Easy to sound ungrateful and to carp, but how could the incentives be improved? Well, it looks like Feed-in-Tariffs are in place and have to be lived with, despite being comprehensively torpedoed by George Monbiot recently. But the Renewable Heat Incentive and the Household Energy Management Strategy are still taxiing for take off and could yet be redesigned.

I think the answer is not to scrap them, but to integrate the RHI and HEMS into one combined initiative. Rather than subsidising plant, it would be better to incentivise people for undertaking energy upgrades, and not to tie this to any particular system or technology. The combined incentive could be a mixture of grant and zero- or low-interest loans - repayable on the sale of the property - and the aim would be to get all buildings up to the A standard by 2050. Incentives (and taxes on fossil fuel) would be adjusted at frequent intervals to alter the speed of the national conversion process, so that the goal is achieved to timetable.

• We already have in place a system of Energy Ratings for buildings - far from perfect, for sure, but at least it's there.

• We have plenty of advice on how to improve energy efficiency in all manner of buildings, be it by insulating or fitting low carbon heating.

• And we have building inspectors and professionals capable of both detailing and overseeing such works. For some it might be insulation, or triple glazing, for others it might be a heat pump or a biomass boiler, or an innovative ventilation system, or it could be a fuel cell or a district heating system. But critically, people would be rewarded for carrying out coherent and effective improvements. Each house, each building is different, and the most cost effective way of making them A-rated (which is close to what the aim actually is) may vary significantly.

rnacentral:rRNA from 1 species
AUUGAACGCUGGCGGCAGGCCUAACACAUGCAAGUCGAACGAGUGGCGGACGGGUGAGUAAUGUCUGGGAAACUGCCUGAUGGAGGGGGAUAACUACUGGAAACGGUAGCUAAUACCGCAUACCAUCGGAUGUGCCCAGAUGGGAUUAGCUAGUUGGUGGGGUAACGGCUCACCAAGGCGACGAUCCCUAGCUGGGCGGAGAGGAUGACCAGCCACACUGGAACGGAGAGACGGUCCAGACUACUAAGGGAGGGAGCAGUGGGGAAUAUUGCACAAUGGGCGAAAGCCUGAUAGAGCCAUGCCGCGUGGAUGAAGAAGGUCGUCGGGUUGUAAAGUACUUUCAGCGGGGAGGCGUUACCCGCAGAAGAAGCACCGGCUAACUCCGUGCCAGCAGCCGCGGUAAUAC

• We have past experience of schemes like this, notably the Improvement Grant schemes, popular in the 1980s, which were used to do up much of our Victorian housing stock and which, incidentally, I first cut my building teeth on in the backstreets of Cambridge. People were awarded a grant of roughly £6,000 for undertaking around £15,000 of improvements, as specified by the council. This initiative could reward people incrementally for pushing the energy performance up the chart towards the A rating. Going from a G to an A in one leap might be very tempting with the carrot of a £25,000 grant and a £50,000 low interest loan.

• And ultimately, it would become very expensive for those who chose not to carry out improvements. The stick part of it would be higher fuel bills and maybe higher council taxes, stamp duty, etc. Easy to design a complementary set of fiscal incentives and penalties to encourage change.

It's not so far from what is happening at the moment as to be politically unachievable. Yet it is much more coherent strategy than the seemingly unrelated initiatives which have come out of DECC thus far. The FiT seems to have just been copied from Germany (just as the Germans are beginning to count the cost); the RHI looks to be modelled on the FiT because it's sort of a similar idea. In contrast, the HEMS initiative seems to have been based on a suggestion from the Green Building Council - Pay as You Save - possibly because they didn't realise that there was far more money available if only they'd asked. But in essence the RHI and the HEMS initiative are two sides of the same coin and it makes no sense to have one as a grant and the other as a loan, when what is required is an integrated approach, treating each building independently. If a heat pump improves the energy performance of a building at reasonable cost, all well and good. Subsidise it. But don't assume that heat pumps are appropriate for all situations, because they are not. This is the trap that the RHI falls into.

By the way, I have learned from well informed sources that David MacKay is not responsible for any of these recent incentives. They were all works in progress long before he was hired as Chief Scientific Officer. So the negative mutterings I have been picking up on would seem to be misplaced. I think he deserves a little longer in his role before we start passing judgments - six months is nothing. Not even Man City turn on their managers that quickly.

11 Mar 2010

Is David MacKay becoming part of the problem?